Integrate a local SEO strategy into your existing content
The trend of local SEO is now a familiar one. As searchers, we want to find those brick and mortar establishments “near me.” These localized searches are some of the most prevalent ones in voice searches. Here are just a few quick tips to help bolster your local presence:
- Create a “Google My Business” page and optimize it with excellent quality photos, locations, hours, website, and contact info. You can also add reviews of your merchandise and shopping experience.
- Find keywords that are relevant to your surrounding area. Research colloquial phrases, known nicknames, and city/state keywords for your area. (For instance, Greenville, South Carolina is also located in the Upstate – a commonly used phrase when locating Greenville-based business in searches.)
- Track down your brand profiles and mentions and make sure the information is consistent. For example, if you have a Google + page with an old phone number or address and a Yelp page with your current phone number or address, Google will be less likely to show your website in a local fashion-based search because the information is not consistent.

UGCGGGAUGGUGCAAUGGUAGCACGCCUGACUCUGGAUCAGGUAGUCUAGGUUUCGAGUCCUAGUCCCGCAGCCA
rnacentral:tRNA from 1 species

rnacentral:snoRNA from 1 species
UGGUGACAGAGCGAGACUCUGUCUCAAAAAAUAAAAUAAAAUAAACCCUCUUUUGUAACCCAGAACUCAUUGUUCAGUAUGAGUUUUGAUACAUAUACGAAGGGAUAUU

Optimize (or create) an FAQ page with quick answers and keyword-rich content
FAQ pages are some of the best (and least used) areas of website copy. Frequently asked questions are typically based around the most viewed or searched content on your website. These answers can often be written to accommodate a very relevant, specific keyword.
Use (or create) your FAQ section to provide quick answers to specific, brand-related questions. During the process of a voice search, the technology scans websites for short snippets of information to display first and then will lead a user to the whole website.
Get a leg up in voice search in the fashion world by creating (or better optimizing) your FAQ section. Focus on creating a good experience for both your robot and human visitors.
Featured Snippets and Excellent Copy
While it is a fact that voice searches often result in the playback of featured snippets found in a Google search, it’s still not known how a website can make it to that coveted position.
A featured snippet is Google’s way of quickly providing the searcher with the information they’re looking for. For any particular search term, there is often just one website that appears in a top-of-page callout box. This snippet often includes Google-designed bullet points, like one specific fact, quote, or piece of info.
A good way to put your website in the running for that featured snippet section is to create web content that is both concise and high quality. Google’s main goal is to provide the best content to answer their searcher’s questions. It only makes sense that they’ll reward excellent content with a better rank in both traditional and voice searches.
Optimizing your fashion website for voice search doesn’t have to be overwhelming. Simply implement these tips to take advantage of this growing trend.